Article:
Prepare the marinated pork by marinating it with shaoxing wine, sugar, and salt. We added some grated ginger to give it a little kick.
Also prepare your bitter melons by chopping it up into 1/4 inch thick slices. For the black bean sauce, thoroughly wash the preserved black beans and season it with grated garlic, fish sauce, shaoxing wine, soy sauce, salt and sugar. Mix to combine.
Once you have all your ingredients prepped, it’s time to put it all together.
Recently we started watching another food anime called Shokugeki no Soma. It’s similar to Master Chef Junior which for those of you who don’t watch that show, is about really young cooking professionals between the ages of 8 to 13 who are put in unpredictable cooking challenges to test their skills and competencies in the kitchen. The only difference is that this anime is way more sexual in my opinion… and much more intense and exaggerated as you can expect in any anime.
We noticed a few bloggers who tried to recreate the recipes they’ve done in the anime which were reportedly created by chefs in real life to ensure that the show was as realistic as possible. We decided to take a stab at it ourselves and this was our end result.
The cool thing behind this recipe is the science behind it. Supposedly the onion juice contains enzymes that helps break down the protein in the meat, helping it tenderize it further. It also helps marinate the meat as well.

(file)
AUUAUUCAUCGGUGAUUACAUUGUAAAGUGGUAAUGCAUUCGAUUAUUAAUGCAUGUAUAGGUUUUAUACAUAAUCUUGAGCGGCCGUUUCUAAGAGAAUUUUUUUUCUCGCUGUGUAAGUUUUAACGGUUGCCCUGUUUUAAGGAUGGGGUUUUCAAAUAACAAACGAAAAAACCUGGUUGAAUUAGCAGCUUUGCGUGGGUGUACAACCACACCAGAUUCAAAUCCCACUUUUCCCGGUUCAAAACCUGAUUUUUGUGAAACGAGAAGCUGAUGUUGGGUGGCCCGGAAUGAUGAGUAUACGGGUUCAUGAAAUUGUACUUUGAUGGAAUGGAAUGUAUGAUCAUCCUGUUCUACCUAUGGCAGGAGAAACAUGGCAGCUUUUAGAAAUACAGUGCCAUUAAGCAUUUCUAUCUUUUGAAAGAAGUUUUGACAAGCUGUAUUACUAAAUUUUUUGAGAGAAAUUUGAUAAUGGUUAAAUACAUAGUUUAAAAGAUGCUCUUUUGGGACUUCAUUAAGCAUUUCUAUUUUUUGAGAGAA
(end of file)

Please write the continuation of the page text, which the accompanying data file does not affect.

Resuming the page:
There’s an interesting story behind this dish as well. The Chaliapin Steak is a Japanese Steak that was originally created for Russian Opera singer Feodor Chaliapin when he visited Japan as he requested a tender steak due to a toothache. As a result, this steak was created.
This dish is easy to make and doesn’t require too many ingredients. Best of all, the steak is full of flavour 🙂
To begin, make criss cross cuts along your steak to help it absorb the onion juices better. Season it well with salt and pepper.
It’s finally the long weekend, yay! Monday is Victoria Day here in Canada so I decided to take advantage of my extra day off and do more creative baking.
Last week, I made Nikuman (Chinese Steamed Bun) in an effort to step outside my comfort zone. Having been quite proud of how my steamed buns turned out, I decided to take it one step further this time and turn them into cute animals! Quite often I go to my local Chinese grocery store and see pre-made steamed buns shaped into pigs which I thought were super adorable. I’ve always wondered how they did it and upon some additional research, I may have figured it out!
So how did I do this? Well first, you need to make the dough and filling as per my Nikuman recipe.
One of my favourite Chinese noodle dish is Zhajiangmian. I almost always order it whenever I see it available on the menu because of the great texture of the dish. The sweet bean sauce on the ground pork combined with the cool and refreshing taste of the julienned cucumber and carrots is a great combination, in my opinion.
The thing is, this dish looks pretty easy to make but I never got around to making it because I didn’t even know where to start. Like, what do I even need to make the sauce? Good authentic Chinese recipes are hard to stumble across online and when I do stumble across one, it’s written entirely in Chinese and I don’t understand what ingredients even go into the dish -_-